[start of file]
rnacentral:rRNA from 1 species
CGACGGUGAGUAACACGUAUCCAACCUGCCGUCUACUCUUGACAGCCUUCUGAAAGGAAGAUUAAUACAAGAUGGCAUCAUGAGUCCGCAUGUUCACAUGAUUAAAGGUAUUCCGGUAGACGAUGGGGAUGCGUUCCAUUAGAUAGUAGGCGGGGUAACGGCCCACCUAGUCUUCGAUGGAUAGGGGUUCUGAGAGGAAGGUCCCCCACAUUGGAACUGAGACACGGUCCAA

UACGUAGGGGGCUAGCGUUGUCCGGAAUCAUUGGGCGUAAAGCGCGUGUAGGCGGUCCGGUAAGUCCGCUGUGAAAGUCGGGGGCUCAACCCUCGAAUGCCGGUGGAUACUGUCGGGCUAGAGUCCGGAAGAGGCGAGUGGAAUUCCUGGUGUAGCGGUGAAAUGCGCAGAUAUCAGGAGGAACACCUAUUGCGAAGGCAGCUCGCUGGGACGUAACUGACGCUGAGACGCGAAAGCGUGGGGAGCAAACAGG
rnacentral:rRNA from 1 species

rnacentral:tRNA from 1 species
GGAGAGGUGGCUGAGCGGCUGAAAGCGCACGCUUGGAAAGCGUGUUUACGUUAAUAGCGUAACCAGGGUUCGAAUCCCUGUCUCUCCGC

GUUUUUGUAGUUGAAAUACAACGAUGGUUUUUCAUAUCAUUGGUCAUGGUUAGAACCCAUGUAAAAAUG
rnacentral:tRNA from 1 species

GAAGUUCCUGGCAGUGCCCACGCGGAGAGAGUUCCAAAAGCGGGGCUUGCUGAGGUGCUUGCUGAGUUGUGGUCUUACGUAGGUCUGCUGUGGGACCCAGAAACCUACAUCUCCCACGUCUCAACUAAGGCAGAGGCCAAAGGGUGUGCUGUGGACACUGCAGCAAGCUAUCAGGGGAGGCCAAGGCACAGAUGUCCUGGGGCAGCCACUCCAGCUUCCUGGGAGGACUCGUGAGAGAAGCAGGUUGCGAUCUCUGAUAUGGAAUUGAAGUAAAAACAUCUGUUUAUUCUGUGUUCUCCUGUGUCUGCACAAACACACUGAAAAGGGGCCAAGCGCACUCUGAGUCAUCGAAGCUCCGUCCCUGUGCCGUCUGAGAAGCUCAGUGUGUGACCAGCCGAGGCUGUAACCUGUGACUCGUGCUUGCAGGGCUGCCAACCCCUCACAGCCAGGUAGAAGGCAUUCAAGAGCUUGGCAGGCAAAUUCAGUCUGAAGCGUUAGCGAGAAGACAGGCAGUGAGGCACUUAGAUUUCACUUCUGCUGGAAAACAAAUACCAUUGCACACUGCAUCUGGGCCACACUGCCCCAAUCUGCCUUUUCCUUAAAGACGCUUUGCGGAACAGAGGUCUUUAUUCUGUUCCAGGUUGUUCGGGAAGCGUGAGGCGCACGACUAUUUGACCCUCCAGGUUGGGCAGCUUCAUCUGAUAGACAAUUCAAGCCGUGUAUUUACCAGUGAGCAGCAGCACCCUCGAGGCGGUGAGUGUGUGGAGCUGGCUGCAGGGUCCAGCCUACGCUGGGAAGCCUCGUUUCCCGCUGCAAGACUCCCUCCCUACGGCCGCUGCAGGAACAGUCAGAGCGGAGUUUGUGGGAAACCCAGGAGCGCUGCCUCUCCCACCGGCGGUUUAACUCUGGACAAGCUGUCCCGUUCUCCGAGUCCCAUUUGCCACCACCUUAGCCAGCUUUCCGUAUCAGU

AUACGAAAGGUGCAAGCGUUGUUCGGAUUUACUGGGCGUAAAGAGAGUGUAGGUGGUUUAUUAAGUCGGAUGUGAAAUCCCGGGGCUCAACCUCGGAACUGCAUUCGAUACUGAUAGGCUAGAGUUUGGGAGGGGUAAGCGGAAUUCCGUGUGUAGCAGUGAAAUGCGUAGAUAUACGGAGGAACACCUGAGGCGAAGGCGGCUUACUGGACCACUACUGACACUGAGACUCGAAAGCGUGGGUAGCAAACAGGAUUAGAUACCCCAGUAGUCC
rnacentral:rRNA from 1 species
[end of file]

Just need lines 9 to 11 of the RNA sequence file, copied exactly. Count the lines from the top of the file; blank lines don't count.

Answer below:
GAAGUUCCUGGCAGUGCCCACGCGGAGAGAGUUCCAAAAGCGGGGCUUGCUGAGGUGCUUGCUGAGUUGUGGUCUUACGUAGGUCUGCUGUGGGACCCAGAAACCUACAUCUCCCACGUCUCAACUAAGGCAGAGGCCAAAGGGUGUGCUGUGGACACUGCAGCAAGCUAUCAGGGGAGGCCAAGGCACAGAUGUCCUGGGGCAGCCACUCCAGCUUCCUGGGAGGACUCGUGAGAGAAGCAGGUUGCGAUCUCUGAUAUGGAAUUGAAGUAAAAACAUCUGUUUAUUCUGUGUUCUCCUGUGUCUGCACAAACACACUGAAAAGGGGCCAAGCGCACUCUGAGUCAUCGAAGCUCCGUCCCUGUGCCGUCUGAGAAGCUCAGUGUGUGACCAGCCGAGGCUGUAACCUGUGACUCGUGCUUGCAGGGCUGCCAACCCCUCACAGCCAGGUAGAAGGCAUUCAAGAGCUUGGCAGGCAAAUUCAGUCUGAAGCGUUAGCGAGAAGACAGGCAGUGAGGCACUUAGAUUUCACUUCUGCUGGAAAACAAAUACCAUUGCACACUGCAUCUGGGCCACACUGCCCCAAUCUGCCUUUUCCUUAAAGACGCUUUGCGGAACAGAGGUCUUUAUUCUGUUCCAGGUUGUUCGGGAAGCGUGAGGCGCACGACUAUUUGACCCUCCAGGUUGGGCAGCUUCAUCUGAUAGACAAUUCAAGCCGUGUAUUUACCAGUGAGCAGCAGCACCCUCGAGGCGGUGAGUGUGUGGAGCUGGCUGCAGGGUCCAGCCUACGCUGGGAAGCCUCGUUUCCCGCUGCAAGACUCCCUCCCUACGGCCGCUGCAGGAACAGUCAGAGCGGAGUUUGUGGGAAACCCAGGAGCGCUGCCUCUCCCACCGGCGGUUUAACUCUGGACAAGCUGUCCCGUUCUCCGAGUCCCAUUUGCCACCACCUUAGCCAGCUUUCCGUAUCAGU

AUACGAAAGGUGCAAGCGUUGUUCGGAUUUACUGGGCGUAAAGAGAGUGUAGGUGGUUUAUUAAGUCGGAUGUGAAAUCCCGGGGCUCAACCUCGGAACUGCAUUCGAUACUGAUAGGCUAGAGUUUGGGAGGGGUAAGCGGAAUUCCGUGUGUAGCAGUGAAAUGCGUAGAUAUACGGAGGAACACCUGAGGCGAAGGCGGCUUACUGGACCACUACUGACACUGAGACUCGAAAGCGUGGGUAGCAAACAGGAUUAGAUACCCCAGUAGUCC
rnacentral:rRNA from 1 species